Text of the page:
this was a very difficult decision but in my personal view, it's something we had to do. we had careful consideration on the discussion. my view was that we needed to do it, and need to do it before the election as far as what we knew and saw. and i'm glad we did it. every congressman, every big decision i've made in my time, somebody always criticizes you for doing it, and somebody else criticizes you for not doing it sooner. so when we made the statement on october 7th, i'm glad we did. i think the larger issue is that it did not get the public attention that initiative. the press was focused on the release of the access hollywood video, so that made our news below the pole news.
>> there were certain allegations by one of the campaigns that the process was rigged. the allegation wasn't that it was being rigged by a foreign power. why wasn't it more important to tell the american people the length and breath of what they are doing to interfere with the election? didn't the public have a compelling need to know, notwithstanding the claims made by the campaign of a different kind of rigging? and the need to rebut the idea that this was deliberately influencing theç outcome. >> we were in a position to tell the american public everything we knew at that date. we were not then in a position
to attribute, we did say he was coming from a russian platform at that point. at that point we told the public everything we believed we could tell them, and i'm glad we did. so the priority of informing the american public did override, which is why we did. >> >> bill: so a warning came o, and they made it public and a thought hard about it. he did not get the public attention it was looking for, because that was the evening that the access hollywood tapes came out. so that testimony is critical right now. we do >> shannon: we will be discussing the house elections yesterday.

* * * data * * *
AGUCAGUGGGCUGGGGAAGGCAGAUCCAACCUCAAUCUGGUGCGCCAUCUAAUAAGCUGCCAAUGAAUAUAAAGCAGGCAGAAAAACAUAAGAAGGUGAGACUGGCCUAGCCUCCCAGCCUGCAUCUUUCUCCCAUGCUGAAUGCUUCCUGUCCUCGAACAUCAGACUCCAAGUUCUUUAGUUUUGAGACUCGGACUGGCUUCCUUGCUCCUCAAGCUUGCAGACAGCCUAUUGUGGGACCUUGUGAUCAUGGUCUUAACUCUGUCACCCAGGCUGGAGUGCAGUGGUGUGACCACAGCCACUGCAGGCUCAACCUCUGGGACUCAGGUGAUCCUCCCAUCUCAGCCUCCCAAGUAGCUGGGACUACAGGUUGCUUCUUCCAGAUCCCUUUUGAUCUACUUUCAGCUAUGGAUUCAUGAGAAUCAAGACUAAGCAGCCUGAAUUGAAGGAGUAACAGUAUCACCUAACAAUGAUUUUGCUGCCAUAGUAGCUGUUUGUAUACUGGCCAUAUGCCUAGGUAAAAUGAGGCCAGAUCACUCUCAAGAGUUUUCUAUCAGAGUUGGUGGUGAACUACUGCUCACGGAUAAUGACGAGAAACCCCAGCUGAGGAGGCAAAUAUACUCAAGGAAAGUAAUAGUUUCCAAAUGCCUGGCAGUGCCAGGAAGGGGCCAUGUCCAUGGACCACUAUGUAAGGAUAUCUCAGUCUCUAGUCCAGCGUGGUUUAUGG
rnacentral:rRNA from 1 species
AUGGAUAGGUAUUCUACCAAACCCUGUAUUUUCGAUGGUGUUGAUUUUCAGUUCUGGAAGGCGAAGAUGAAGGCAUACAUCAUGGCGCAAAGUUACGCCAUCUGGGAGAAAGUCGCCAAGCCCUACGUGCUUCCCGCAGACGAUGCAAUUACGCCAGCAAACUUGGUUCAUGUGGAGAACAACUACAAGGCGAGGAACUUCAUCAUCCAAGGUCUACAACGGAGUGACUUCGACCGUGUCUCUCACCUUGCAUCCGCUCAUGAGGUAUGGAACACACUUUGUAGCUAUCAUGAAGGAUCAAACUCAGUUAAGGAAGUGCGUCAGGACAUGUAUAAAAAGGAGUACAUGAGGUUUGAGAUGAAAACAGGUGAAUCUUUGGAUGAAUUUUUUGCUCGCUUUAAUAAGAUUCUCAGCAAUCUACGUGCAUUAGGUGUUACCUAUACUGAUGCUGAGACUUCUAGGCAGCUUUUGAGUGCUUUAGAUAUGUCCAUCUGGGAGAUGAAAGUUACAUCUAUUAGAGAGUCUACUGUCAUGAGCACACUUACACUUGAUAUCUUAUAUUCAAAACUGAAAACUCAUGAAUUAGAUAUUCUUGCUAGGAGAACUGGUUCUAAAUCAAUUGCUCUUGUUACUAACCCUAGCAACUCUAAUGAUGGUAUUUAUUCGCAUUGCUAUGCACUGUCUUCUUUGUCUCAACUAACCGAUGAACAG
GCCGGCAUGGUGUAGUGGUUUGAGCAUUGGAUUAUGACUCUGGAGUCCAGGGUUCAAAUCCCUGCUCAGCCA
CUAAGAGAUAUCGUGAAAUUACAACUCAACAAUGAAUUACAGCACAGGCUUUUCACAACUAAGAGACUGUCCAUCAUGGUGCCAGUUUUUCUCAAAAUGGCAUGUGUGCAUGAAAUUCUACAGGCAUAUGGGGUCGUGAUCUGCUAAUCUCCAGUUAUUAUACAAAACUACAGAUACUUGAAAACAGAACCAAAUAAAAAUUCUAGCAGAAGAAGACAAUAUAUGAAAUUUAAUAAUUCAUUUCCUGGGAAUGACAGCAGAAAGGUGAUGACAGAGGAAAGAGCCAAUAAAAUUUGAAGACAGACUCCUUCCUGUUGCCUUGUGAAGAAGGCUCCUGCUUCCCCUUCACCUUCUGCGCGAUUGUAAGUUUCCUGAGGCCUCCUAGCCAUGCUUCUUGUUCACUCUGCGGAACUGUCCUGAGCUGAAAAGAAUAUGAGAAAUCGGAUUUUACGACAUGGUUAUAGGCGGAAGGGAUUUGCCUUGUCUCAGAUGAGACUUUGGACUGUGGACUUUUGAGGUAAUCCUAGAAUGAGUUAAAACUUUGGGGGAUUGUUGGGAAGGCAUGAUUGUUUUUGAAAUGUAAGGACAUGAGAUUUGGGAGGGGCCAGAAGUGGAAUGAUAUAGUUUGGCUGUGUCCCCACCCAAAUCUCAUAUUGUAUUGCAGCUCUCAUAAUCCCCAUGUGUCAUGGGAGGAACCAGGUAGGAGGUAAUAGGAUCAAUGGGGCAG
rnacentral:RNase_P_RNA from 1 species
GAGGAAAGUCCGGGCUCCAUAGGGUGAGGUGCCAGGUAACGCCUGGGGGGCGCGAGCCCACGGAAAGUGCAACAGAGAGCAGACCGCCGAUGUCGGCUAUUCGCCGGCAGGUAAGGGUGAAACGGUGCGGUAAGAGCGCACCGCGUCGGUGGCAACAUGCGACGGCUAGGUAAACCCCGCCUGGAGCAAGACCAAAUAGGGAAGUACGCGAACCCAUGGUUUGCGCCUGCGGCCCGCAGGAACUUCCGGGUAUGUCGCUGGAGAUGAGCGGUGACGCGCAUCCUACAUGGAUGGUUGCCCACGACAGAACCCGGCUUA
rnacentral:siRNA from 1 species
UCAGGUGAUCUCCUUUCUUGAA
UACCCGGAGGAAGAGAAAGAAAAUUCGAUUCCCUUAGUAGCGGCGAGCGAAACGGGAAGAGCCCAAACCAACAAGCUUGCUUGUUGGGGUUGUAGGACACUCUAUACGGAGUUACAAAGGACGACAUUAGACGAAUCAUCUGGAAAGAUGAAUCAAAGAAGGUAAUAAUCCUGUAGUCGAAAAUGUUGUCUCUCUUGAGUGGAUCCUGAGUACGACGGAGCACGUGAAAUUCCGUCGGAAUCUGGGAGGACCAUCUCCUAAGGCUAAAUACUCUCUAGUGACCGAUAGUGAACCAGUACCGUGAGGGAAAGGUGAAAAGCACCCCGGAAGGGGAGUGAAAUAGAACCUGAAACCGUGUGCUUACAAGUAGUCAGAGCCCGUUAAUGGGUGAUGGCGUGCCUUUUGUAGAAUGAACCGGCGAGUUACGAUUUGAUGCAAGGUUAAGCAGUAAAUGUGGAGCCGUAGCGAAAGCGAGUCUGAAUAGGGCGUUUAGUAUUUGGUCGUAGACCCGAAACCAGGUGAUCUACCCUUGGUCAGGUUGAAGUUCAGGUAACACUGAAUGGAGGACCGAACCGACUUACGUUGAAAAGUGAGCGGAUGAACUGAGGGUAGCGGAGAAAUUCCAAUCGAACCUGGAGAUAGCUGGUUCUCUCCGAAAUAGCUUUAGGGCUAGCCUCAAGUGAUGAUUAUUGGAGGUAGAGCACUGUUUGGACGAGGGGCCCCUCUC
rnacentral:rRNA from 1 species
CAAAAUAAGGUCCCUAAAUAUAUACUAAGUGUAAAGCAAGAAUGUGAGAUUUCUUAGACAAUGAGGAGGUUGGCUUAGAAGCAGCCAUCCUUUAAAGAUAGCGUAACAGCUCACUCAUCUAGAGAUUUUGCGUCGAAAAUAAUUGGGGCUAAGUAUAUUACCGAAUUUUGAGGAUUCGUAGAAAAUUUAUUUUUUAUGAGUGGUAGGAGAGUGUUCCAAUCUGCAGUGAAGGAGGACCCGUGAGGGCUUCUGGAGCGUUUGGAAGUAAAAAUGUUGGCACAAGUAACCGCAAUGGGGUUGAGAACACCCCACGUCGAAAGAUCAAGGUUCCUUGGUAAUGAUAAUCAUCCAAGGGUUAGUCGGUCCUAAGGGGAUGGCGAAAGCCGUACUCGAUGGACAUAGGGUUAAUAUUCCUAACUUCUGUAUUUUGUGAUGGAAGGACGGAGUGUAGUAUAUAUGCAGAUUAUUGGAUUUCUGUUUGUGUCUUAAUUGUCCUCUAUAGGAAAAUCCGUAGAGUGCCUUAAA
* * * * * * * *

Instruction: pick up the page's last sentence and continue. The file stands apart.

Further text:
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an eye on the house republicans leaders, coming to the podium at any moment now. meanwhile republican leaders confident that they will hold a vote on the health care bill next week. so far nobody has actually seen it. and there are issues awaiting on the other side if this bill passes. thank you for being with us. you're also a member of the republican committee, and they sent a letter to mitch o'connell saying that they want to see it. they have great concern. if some of those concerns that you have in the senate come to fruition, can this thing pass in the house? >> i think people are rushing to judgment. with the administration and some of our senate colleagues. in less than 24 hours, we will see it.
when that happens. there will be great debate. we need to make sure that we prioritize a few things. we cover pre-existing conditions. i am concerned of some of what we are hearing at this point. i think it's too early to put a fork in it and say it's done. i'm optimistic that after it's rolled out tomorrow, that we will have a whole lot of discussion. we will talk to some of our senate colleagues about adding in last minute things. >> shannon: let's talk about a couple of things in play here. waivers which are critical. if those are stripped out or in some way watered down by the senate, how does that fare in the house? >> i think that is problematic if we don't address it in another way.